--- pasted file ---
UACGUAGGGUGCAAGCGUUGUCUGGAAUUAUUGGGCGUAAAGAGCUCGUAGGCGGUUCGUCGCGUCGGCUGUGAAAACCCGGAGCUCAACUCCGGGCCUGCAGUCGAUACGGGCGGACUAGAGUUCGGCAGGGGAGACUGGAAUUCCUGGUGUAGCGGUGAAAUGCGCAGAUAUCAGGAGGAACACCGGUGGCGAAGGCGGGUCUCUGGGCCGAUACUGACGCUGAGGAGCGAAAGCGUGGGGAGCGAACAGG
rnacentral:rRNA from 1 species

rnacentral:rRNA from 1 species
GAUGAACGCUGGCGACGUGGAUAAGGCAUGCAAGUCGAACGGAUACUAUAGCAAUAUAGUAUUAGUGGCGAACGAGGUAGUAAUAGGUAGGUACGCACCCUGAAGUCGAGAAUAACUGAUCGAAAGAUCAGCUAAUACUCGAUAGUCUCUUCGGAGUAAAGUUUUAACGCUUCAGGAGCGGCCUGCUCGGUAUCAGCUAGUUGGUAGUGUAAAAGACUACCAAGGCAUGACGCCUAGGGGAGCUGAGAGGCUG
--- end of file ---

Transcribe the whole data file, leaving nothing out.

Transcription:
UACGUAGGGUGCAAGCGUUGUCUGGAAUUAUUGGGCGUAAAGAGCUCGUAGGCGGUUCGUCGCGUCGGCUGUGAAAACCCGGAGCUCAACUCCGGGCCUGCAGUCGAUACGGGCGGACUAGAGUUCGGCAGGGGAGACUGGAAUUCCUGGUGUAGCGGUGAAAUGCGCAGAUAUCAGGAGGAACACCGGUGGCGAAGGCGGGUCUCUGGGCCGAUACUGACGCUGAGGAGCGAAAGCGUGGGGAGCGAACAGG
rnacentral:rRNA from 1 species

rnacentral:rRNA from 1 species
GAUGAACGCUGGCGACGUGGAUAAGGCAUGCAAGUCGAACGGAUACUAUAGCAAUAUAGUAUUAGUGGCGAACGAGGUAGUAAUAGGUAGGUACGCACCCUGAAGUCGAGAAUAACUGAUCGAAAGAUCAGCUAAUACUCGAUAGUCUCUUCGGAGUAAAGUUUUAACGCUUCAGGAGCGGCCUGCUCGGUAUCAGCUAGUUGGUAGUGUAAAAGACUACCAAGGCAUGACGCCUAGGGGAGCUGAGAGGCUG